Alarm at logging breaches

STATE agencies guilty of logging breaches that felled protected trees and threatened endangered species have escaped punishment despite the environmental watchdog finding systemic problems in at least one forest district.

A special Environment Protection Authority audit found three breaches by VicForests near Cann River in East Gippsland, home to threatened species including the long-footed potoroo.

A fourth was confirmed in the Barmah State Forest, near Echuca, where the Department of Sustainability and Environment logged more than half of a 35-hectare protected nesting colony for the endangered superb parrot. As few as 150 superb parrots breed in Victoria.

EPA chairman Mick Bourke said the East Gippsland breaches, where timber workers logged more than a hectare of the Errinundra National Park at one site and breached coupe boundaries by a total of nearly 15 hectares at two others, were signs of a systemic problem.

“Anywhere where there is potential to impact on national forest and special protection zone is a serious matter,” he said.

The special audit was released along with a wider EPA report into timber harvesting in 2004-05 which found an average of 91 per cent compliance with the law.

But breaches, often for minor offences such as inadequate record-keeping, were found in 44 out of 45 coupes sampled.

The EPA found the Gippsland and Barmah breaches were due to poor management, communication, mapping and planning, and false assumptions by staff that coupe boundaries could be changed without proper approval. Recommendations included improving boundary delineation and increasing staff training.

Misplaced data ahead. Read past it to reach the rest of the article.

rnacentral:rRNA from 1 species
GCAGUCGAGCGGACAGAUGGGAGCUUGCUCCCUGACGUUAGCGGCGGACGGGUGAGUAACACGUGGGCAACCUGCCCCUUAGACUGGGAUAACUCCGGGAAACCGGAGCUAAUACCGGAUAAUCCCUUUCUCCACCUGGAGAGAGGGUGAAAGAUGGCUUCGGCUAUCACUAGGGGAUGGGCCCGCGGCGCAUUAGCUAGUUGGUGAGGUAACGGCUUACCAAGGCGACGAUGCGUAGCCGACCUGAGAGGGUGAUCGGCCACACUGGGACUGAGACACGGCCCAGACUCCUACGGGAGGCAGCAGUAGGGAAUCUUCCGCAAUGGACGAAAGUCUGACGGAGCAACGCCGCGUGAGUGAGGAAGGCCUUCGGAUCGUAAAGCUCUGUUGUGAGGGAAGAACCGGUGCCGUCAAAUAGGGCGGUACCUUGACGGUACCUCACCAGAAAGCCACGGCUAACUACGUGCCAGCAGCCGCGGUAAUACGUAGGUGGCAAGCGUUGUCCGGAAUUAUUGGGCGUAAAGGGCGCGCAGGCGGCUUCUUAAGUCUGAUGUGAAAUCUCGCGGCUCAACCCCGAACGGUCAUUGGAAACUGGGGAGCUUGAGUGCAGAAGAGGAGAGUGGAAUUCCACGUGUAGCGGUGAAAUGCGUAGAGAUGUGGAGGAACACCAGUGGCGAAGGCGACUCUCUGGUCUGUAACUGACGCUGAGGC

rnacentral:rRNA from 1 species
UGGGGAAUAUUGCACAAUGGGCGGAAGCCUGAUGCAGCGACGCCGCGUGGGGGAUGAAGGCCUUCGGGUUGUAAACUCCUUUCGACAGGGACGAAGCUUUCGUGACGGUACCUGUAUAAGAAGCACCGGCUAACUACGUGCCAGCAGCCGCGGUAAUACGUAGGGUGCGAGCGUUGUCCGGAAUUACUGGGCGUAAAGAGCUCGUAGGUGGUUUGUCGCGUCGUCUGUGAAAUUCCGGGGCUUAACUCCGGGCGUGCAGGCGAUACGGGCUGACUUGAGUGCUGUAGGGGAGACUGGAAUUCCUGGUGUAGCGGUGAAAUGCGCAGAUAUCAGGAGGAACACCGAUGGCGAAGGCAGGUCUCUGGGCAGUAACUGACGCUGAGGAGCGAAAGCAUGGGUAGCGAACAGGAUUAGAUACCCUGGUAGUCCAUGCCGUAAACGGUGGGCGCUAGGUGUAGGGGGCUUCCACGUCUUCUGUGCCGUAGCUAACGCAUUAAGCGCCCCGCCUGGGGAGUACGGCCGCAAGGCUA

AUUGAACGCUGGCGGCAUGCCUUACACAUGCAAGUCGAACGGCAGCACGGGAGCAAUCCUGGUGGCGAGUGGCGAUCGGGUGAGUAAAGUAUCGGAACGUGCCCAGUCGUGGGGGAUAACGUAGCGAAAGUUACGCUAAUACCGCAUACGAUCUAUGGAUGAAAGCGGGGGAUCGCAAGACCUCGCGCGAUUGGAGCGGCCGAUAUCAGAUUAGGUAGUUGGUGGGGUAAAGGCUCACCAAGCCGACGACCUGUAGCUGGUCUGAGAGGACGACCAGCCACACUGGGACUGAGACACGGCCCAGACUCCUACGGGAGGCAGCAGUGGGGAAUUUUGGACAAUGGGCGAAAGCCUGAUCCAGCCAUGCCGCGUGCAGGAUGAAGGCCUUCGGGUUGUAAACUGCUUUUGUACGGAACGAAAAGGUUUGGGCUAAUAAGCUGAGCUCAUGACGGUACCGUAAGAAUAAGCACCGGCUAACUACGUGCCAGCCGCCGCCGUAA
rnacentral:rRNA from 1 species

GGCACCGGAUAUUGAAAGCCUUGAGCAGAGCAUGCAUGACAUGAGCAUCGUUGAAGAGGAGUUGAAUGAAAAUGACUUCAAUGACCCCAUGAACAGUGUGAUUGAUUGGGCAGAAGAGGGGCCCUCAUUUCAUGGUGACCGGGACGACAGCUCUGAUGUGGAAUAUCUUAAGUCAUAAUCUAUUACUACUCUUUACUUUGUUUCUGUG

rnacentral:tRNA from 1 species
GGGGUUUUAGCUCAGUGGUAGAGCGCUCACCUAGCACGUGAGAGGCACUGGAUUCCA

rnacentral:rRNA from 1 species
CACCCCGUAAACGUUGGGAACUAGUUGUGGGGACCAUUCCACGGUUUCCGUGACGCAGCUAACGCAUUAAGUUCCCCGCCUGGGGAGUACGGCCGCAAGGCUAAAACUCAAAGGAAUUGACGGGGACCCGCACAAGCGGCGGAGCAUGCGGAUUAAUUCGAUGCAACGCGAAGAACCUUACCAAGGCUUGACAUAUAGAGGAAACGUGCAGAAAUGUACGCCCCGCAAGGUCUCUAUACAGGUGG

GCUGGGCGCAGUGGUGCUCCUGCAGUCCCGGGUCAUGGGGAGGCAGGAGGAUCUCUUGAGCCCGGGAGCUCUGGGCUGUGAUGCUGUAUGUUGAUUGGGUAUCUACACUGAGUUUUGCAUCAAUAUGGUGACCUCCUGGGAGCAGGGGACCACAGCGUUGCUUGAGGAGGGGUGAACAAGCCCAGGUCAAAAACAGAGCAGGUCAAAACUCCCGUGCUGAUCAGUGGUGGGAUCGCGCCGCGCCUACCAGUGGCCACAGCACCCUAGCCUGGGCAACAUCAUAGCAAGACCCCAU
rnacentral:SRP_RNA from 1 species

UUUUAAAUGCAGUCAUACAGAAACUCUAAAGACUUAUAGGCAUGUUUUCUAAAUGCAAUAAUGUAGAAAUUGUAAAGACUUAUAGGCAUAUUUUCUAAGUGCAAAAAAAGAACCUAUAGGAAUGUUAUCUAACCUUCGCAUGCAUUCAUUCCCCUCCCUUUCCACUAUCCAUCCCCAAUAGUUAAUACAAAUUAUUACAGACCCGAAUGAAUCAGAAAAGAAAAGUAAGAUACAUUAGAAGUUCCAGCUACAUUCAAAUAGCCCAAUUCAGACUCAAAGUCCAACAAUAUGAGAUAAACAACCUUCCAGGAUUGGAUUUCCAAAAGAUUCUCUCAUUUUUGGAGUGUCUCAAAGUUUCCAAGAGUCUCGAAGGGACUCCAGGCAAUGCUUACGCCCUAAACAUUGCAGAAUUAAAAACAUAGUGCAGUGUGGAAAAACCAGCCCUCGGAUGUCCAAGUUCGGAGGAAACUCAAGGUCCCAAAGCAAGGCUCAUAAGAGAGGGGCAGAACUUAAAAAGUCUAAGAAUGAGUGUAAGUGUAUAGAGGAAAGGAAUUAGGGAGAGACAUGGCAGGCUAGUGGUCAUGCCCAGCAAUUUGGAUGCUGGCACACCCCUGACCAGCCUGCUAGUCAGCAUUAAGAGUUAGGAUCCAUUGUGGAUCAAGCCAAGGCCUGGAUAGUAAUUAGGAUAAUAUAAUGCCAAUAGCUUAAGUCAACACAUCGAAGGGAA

But the EPA was not asked to consider penalties. Mr Bourke said it was unclear whether Government officers were bound by codes of practice in the sustainable forests act.

Environmentalists reacted angrily, calling for those responsible to be prosecuted.

Lawyers for Forests president Vanessa Bleyer said it was preposterous that Government employees could break the law and get away with it.

“The audit simply seeks to keep a record of criminal acts. What sort of response is that? I can’t break the law and get away with it,” she said.

Friends of the Earth spokesman Jonathan La Nauze said the destruction of the superb parrot’s habitat should have alarmed the Government: “You only get one chance at saving a species from extinction, and this audit shows we’re blowing it.”

Environment East Gippsland spokesman Luke Chamberlain said a similar audit finding incompetence and mismanagement in the private sector would lead to mass sackings.

Acting Environment Minister Candy Broad said the Government believed adequate steps were being taken to stop logging breaches. She said it was encouraging that the annual audit found overall compliance in the timber industry was high.

Many of the EPA recommendations had already been put in place, including park boundaries being checked by Parks Victoria before harvesting, she said.

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